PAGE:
The extent and degree to which devolution of decision making has occurred, as well as its impact on occupational skill levels, are subject to scholarly estimation and speculation (Appelbaum & Batt, 1994; Cappelli et al., 1997; Crompton, Gallie, & Purcell, 1996; Nissen, 1997; Osterman, 1996; Smith, 1997; Vallas, 1999). Estimates of the progress and prevalence of devolution depend on its empirical operationalization and the characteristics of the sample used to observe devolution (Ichniowski et al., 1996). The 1993 BLS Survey of Employer Provided Training in some 6,000 private, nonagricultural U.S. business establishments is one of the most comprehensive national surveys of work organization. According to this survey, 42% of establishments practiced at least one of the following types of decentralized decision making: worker teams, total quality management, quality circles, peer review of employee performance, worker involvement in purchase decisions, and job rotation (Gittleman, Horrigan, & Joyce, 1998, p. 104). Decentralized decision making is most likely to be instituted in large organizations (Gittleman et al., 1998; Marsden, Cook, & Kalleberg, 1996; Osterman, 1994). Presently, it is difficult to track the depth and diffusion of the devolution of decision making partly because insufficient scholarly attention has been given to several important features of decision-making decentralization within the firm. These features of decentralization include the frequency with which it is practiced, the range of policy domains to which it is applied, the organizational level of authority that makes final, binding decisions, and the proportion of the firm workforce that makes decisions.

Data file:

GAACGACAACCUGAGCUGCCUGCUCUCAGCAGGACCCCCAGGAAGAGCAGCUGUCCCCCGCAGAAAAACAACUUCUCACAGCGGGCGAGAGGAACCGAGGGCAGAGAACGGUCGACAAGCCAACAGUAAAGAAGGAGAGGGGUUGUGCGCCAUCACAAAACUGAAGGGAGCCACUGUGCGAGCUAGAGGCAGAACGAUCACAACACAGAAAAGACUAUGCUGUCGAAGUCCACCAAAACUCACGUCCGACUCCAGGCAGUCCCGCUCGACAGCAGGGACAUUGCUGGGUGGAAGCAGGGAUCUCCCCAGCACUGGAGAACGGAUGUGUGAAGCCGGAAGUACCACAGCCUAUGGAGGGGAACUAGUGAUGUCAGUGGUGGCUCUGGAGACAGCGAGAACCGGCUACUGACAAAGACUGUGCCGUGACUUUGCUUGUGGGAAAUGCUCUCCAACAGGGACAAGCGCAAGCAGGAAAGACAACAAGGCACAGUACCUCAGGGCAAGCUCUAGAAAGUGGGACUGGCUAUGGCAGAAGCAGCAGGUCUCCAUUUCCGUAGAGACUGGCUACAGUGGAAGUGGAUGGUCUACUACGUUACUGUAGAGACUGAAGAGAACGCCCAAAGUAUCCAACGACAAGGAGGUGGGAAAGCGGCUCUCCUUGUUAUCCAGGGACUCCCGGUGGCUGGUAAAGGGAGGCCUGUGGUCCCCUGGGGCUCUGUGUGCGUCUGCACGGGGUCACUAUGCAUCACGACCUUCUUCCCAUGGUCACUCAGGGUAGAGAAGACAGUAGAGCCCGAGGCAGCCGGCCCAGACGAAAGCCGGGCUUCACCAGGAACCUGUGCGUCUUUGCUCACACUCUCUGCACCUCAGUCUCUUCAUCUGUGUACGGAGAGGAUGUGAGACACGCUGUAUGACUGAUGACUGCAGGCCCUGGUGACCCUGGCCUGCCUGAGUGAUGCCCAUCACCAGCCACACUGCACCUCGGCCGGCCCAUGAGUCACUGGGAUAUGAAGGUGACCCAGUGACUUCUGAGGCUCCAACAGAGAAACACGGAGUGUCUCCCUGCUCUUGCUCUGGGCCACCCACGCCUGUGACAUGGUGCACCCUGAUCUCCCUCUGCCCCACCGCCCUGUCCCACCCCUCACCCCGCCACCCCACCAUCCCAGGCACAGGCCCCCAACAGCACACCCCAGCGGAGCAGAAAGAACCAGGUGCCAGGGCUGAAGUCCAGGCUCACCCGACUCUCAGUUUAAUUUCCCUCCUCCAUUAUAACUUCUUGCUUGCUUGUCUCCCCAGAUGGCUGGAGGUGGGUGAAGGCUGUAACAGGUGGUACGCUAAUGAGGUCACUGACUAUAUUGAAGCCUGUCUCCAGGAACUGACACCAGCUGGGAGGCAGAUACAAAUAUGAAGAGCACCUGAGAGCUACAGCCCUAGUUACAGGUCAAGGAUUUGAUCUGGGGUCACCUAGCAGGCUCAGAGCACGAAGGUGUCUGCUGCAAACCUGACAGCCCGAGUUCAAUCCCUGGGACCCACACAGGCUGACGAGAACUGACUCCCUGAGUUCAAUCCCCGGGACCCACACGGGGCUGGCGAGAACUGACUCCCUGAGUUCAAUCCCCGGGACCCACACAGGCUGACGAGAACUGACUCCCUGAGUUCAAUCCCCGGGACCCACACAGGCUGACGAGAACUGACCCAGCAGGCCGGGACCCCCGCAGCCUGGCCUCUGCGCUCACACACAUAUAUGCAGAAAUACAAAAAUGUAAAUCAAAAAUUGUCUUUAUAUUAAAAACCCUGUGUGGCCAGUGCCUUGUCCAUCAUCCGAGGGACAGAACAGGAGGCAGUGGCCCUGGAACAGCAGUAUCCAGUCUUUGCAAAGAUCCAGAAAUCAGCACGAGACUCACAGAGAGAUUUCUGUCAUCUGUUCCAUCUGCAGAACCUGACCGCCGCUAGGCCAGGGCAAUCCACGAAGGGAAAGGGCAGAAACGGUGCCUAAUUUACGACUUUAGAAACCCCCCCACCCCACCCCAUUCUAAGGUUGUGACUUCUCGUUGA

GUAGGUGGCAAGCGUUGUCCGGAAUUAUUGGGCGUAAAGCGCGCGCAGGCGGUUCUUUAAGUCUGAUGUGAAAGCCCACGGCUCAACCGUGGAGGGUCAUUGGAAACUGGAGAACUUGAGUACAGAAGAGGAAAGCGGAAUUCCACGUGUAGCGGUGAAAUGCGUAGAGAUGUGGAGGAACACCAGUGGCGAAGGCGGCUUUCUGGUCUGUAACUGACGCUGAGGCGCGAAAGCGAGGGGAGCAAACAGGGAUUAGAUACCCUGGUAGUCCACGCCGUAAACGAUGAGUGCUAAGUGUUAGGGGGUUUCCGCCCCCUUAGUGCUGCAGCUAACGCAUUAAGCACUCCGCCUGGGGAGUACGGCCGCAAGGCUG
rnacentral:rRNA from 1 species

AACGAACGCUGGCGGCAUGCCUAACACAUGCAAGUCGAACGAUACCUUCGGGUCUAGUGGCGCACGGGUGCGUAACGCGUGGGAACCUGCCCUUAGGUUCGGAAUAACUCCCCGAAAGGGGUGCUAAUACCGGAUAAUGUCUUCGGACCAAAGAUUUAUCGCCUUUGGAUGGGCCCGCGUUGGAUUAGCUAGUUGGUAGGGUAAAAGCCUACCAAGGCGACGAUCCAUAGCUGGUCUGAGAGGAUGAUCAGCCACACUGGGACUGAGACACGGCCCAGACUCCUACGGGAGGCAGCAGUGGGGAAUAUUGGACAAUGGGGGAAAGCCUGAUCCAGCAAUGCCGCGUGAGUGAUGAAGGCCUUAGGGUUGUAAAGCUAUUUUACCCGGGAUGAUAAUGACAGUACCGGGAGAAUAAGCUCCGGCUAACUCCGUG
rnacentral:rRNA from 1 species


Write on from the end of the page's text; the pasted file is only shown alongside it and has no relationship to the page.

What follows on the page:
To the extent it has occurred, devolution constitutes a decentralization of the authority structure and a “craftist” simplification of the occupational division of labor of bureaucracy. It is decentralization in that more formal decision-making authority is lodged at lower levels of the authority structure than in the Taylorist bureaucracy. Devolution simplifies the occupational division of labor by effectively enlarging the range of production tasks and responsibilities of production and frontline service jobs, reminiscent of pre-Taylorist craft organization.

    The second dimension of workplace restructuring is the casualization of the employment relationship inside the bureaucratic workplace. The internal labor market was predicated on the mutual expectations of employer and employee that the employee would remain employed for much of his or her career in a single employer. What is more, the internal labor market assumes implicitly that coworkers work with one another on the same physical premises rather than being dispersed widely in telecommuting and other “virtual” relationships via electronic media (e.g., e-mail and beepers). With fringe benefit generosity, promotion chances, and job security accruing with employment seniority, the successful full-time employee could expect upward career mobility and a retirement pension; the employer could expect employment stabilization, few interruptions in production that resulted from employee turnover, and the development of an on-the-job trained workforce.